We’re missing our friends and the things that we like to do. We’re missing part-time jobs, sports, babysitting, and our forest. A lot of us loved growing up in Fort McMurray. You know exactly where you’re going and exactly how to get there. It was intuitive. To us Fort McMurray is more than a work town. It’s a place where you can still get time off work to go to hockey practice. “It’s always going to be before the fire and after the fire,” but we liked it here before.
The Reminder. Let go of what we have to, protect what we can, and create what we want to. Fort McMurray is us.
The Story. Our Forest is Gone
The Cue. “Our forest is torched; all that green that we’re used to seeing in the summer is black right now.”
There is a relationship between Fort McMurray and the forest. The trees mattered to us and we loved to wander along the trails. A lot of that is gone now. It’s hard to think about Fort McMurray without the forests. It’ll take some time to get used to life without the forest.
The Reminder. We’re connected to the land and we won’t be fully healed until the land has started to come back. We need to let her to heal.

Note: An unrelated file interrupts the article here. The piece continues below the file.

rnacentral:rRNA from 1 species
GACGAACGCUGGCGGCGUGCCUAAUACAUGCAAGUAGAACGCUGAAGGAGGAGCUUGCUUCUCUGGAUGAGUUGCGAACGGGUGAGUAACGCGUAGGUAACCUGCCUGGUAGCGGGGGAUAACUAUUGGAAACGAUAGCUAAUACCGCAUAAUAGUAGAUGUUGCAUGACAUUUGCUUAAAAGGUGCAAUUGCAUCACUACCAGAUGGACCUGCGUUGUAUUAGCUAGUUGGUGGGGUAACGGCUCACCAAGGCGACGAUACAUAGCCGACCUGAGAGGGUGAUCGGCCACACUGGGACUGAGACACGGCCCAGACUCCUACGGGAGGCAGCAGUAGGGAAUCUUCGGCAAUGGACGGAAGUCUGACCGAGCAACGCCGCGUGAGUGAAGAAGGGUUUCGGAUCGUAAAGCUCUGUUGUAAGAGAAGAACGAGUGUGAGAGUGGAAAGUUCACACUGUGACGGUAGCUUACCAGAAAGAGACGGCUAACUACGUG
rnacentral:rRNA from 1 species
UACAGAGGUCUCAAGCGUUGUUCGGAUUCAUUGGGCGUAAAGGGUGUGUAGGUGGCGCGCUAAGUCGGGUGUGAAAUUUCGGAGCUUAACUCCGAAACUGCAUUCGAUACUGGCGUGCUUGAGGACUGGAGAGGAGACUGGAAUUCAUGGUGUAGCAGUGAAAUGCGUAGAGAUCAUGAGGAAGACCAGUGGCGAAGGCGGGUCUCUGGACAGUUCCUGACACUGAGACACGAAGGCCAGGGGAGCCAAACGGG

The Story. People Need to Talk
The Cue. “There’s going to be that pit; and emotional side — people are going to need a way to express that in a non-negative way.”
When we gathered in Edmonton it was obvious that people needed a space to talk, a space to reconnect. We are going to need places to laugh, cry, and celebrate what we’re seeing and experiencing as we come back. “Lots of people don’t want to reach out to a counsellor in a traditional sense,” so we’re going to have to come up with ways of supporting these people. We’re going to have to pay attention to this for a long time.
The Reminder. Creating time and space to reflect when there is chaos and uncertainty around is hard. We need to make sure that we do it.
The Story. Let the Walls Stay Down